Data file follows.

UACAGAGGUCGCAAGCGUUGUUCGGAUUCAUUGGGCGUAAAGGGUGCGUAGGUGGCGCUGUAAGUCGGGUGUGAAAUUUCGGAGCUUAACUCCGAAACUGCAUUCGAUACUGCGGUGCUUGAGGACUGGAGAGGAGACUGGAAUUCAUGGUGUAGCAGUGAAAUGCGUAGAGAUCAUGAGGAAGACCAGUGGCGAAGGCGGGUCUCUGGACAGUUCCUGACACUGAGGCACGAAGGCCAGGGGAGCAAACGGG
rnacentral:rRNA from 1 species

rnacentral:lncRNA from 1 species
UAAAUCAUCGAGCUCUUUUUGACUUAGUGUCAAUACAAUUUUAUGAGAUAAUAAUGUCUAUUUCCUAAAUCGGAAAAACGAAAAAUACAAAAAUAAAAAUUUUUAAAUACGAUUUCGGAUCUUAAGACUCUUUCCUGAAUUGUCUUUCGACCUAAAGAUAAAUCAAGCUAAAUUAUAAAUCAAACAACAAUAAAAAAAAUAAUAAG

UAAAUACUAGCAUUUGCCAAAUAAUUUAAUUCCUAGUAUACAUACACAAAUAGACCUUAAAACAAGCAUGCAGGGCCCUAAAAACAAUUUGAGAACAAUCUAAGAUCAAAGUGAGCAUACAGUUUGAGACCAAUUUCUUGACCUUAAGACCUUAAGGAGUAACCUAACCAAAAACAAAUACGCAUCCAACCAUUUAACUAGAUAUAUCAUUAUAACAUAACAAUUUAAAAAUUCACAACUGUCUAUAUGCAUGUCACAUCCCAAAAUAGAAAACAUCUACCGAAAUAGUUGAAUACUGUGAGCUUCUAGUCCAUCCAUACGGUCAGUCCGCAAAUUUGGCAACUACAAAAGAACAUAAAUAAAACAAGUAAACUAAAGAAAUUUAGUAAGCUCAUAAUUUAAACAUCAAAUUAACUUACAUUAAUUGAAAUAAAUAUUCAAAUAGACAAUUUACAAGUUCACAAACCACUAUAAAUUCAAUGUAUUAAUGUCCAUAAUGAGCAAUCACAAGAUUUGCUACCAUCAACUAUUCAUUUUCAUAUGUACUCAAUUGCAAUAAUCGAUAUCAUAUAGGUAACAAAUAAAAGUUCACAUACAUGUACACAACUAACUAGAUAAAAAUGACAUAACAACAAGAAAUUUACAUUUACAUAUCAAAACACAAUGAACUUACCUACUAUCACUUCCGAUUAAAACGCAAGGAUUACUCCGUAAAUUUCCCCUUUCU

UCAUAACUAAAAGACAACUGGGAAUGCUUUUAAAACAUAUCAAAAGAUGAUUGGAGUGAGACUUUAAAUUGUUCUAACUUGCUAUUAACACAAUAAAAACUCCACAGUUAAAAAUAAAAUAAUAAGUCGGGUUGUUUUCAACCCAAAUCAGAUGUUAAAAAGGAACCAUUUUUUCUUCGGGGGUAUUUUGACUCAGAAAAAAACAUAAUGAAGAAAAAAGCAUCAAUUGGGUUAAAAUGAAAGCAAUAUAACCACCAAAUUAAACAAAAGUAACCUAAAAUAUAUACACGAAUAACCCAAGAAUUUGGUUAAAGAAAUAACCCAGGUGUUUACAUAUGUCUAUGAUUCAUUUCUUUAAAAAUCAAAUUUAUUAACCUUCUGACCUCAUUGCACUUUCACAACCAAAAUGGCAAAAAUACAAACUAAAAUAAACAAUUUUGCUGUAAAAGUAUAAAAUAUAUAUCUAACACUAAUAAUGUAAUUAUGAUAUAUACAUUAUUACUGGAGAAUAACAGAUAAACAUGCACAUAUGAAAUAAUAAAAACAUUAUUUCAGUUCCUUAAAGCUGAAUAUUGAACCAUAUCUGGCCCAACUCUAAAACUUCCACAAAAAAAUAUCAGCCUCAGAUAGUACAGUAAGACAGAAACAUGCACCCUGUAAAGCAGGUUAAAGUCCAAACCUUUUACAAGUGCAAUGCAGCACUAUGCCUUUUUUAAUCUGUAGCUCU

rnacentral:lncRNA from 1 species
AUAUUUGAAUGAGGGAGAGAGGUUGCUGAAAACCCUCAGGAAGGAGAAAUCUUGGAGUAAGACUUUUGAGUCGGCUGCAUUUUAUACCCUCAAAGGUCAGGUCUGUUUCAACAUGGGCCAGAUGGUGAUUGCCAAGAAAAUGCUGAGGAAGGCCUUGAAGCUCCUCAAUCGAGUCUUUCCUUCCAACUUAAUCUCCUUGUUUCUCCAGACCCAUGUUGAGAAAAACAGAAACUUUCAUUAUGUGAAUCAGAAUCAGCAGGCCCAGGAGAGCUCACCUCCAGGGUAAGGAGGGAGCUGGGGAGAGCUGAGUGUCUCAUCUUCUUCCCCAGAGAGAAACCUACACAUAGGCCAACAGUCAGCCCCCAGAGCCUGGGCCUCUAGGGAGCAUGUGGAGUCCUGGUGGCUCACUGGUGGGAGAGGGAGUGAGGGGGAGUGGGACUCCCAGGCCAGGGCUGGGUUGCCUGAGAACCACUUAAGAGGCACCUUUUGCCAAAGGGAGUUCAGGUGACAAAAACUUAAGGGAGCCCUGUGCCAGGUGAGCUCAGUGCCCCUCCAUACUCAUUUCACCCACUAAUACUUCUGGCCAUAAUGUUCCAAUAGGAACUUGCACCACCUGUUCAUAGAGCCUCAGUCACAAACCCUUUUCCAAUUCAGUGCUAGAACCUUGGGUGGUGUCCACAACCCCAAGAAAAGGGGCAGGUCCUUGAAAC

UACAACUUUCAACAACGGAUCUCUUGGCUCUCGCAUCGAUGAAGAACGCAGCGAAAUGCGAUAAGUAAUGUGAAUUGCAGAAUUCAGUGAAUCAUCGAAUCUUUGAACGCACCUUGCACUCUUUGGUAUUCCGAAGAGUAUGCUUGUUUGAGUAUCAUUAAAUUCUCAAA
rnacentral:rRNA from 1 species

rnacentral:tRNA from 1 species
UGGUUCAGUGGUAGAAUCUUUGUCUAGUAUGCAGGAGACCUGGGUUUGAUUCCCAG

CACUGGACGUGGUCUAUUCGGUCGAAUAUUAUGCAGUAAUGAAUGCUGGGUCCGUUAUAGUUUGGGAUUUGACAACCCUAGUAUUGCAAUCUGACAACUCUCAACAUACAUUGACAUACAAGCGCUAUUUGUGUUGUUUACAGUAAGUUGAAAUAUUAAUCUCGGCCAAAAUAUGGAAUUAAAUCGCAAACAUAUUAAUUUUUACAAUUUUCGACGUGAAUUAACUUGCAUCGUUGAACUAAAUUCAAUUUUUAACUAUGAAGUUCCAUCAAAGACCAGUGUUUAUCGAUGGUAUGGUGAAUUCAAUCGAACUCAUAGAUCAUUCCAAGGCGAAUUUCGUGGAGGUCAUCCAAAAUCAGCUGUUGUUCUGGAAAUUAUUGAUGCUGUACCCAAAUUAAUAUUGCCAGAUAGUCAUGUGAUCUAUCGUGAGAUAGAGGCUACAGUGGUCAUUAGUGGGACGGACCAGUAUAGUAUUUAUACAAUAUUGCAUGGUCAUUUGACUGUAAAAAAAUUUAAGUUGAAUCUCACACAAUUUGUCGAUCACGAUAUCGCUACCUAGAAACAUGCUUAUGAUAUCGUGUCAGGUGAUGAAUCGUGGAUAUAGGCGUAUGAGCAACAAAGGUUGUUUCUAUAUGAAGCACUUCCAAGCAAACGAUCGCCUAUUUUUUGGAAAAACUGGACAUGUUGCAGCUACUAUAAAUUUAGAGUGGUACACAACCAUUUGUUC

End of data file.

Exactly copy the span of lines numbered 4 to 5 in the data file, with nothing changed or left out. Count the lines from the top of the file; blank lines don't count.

UAAAUCAUCGAGCUCUUUUUGACUUAGUGUCAAUACAAUUUUAUGAGAUAAUAAUGUCUAUUUCCUAAAUCGGAAAAACGAAAAAUACAAAAAUAAAAAUUUUUAAAUACGAUUUCGGAUCUUAAGACUCUUUCCUGAAUUGUCUUUCGACCUAAAGAUAAAUCAAGCUAAAUUAUAAAUCAAACAACAAUAAAAAAAAUAAUAAG

UAAAUACUAGCAUUUGCCAAAUAAUUUAAUUCCUAGUAUACAUACACAAAUAGACCUUAAAACAAGCAUGCAGGGCCCUAAAAACAAUUUGAGAACAAUCUAAGAUCAAAGUGAGCAUACAGUUUGAGACCAAUUUCUUGACCUUAAGACCUUAAGGAGUAACCUAACCAAAAACAAAUACGCAUCCAACCAUUUAACUAGAUAUAUCAUUAUAACAUAACAAUUUAAAAAUUCACAACUGUCUAUAUGCAUGUCACAUCCCAAAAUAGAAAACAUCUACCGAAAUAGUUGAAUACUGUGAGCUUCUAGUCCAUCCAUACGGUCAGUCCGCAAAUUUGGCAACUACAAAAGAACAUAAAUAAAACAAGUAAACUAAAGAAAUUUAGUAAGCUCAUAAUUUAAACAUCAAAUUAACUUACAUUAAUUGAAAUAAAUAUUCAAAUAGACAAUUUACAAGUUCACAAACCACUAUAAAUUCAAUGUAUUAAUGUCCAUAAUGAGCAAUCACAAGAUUUGCUACCAUCAACUAUUCAUUUUCAUAUGUACUCAAUUGCAAUAAUCGAUAUCAUAUAGGUAACAAAUAAAAGUUCACAUACAUGUACACAACUAACUAGAUAAAAAUGACAUAACAACAAGAAAUUUACAUUUACAUAUCAAAACACAAUGAACUUACCUACUAUCACUUCCGAUUAAAACGCAAGGAUUACUCCGUAAAUUUCCCCUUUCU